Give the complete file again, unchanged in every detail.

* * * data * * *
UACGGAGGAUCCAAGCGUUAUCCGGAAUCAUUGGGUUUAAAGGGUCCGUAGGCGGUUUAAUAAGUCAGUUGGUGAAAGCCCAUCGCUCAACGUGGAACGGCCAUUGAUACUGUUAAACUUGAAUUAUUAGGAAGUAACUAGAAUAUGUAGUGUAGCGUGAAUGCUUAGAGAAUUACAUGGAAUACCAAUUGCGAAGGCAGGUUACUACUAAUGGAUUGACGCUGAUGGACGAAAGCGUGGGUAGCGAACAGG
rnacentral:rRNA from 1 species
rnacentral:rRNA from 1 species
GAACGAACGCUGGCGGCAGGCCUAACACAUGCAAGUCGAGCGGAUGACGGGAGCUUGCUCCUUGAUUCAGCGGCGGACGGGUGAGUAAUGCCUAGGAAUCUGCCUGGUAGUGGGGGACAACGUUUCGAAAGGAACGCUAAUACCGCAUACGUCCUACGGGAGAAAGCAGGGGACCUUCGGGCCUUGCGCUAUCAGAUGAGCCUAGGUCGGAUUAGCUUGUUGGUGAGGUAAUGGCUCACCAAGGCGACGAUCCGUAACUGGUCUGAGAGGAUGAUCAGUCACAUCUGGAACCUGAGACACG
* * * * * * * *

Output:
UACGGAGGAUCCAAGCGUUAUCCGGAAUCAUUGGGUUUAAAGGGUCCGUAGGCGGUUUAAUAAGUCAGUUGGUGAAAGCCCAUCGCUCAACGUGGAACGGCCAUUGAUACUGUUAAACUUGAAUUAUUAGGAAGUAACUAGAAUAUGUAGUGUAGCGUGAAUGCUUAGAGAAUUACAUGGAAUACCAAUUGCGAAGGCAGGUUACUACUAAUGGAUUGACGCUGAUGGACGAAAGCGUGGGUAGCGAACAGG
rnacentral:rRNA from 1 species
rnacentral:rRNA from 1 species
GAACGAACGCUGGCGGCAGGCCUAACACAUGCAAGUCGAGCGGAUGACGGGAGCUUGCUCCUUGAUUCAGCGGCGGACGGGUGAGUAAUGCCUAGGAAUCUGCCUGGUAGUGGGGGACAACGUUUCGAAAGGAACGCUAAUACCGCAUACGUCCUACGGGAGAAAGCAGGGGACCUUCGGGCCUUGCGCUAUCAGAUGAGCCUAGGUCGGAUUAGCUUGUUGGUGAGGUAAUGGCUCACCAAGGCGACGAUCCGUAACUGGUCUGAGAGGAUGAUCAGUCACAUCUGGAACCUGAGACACG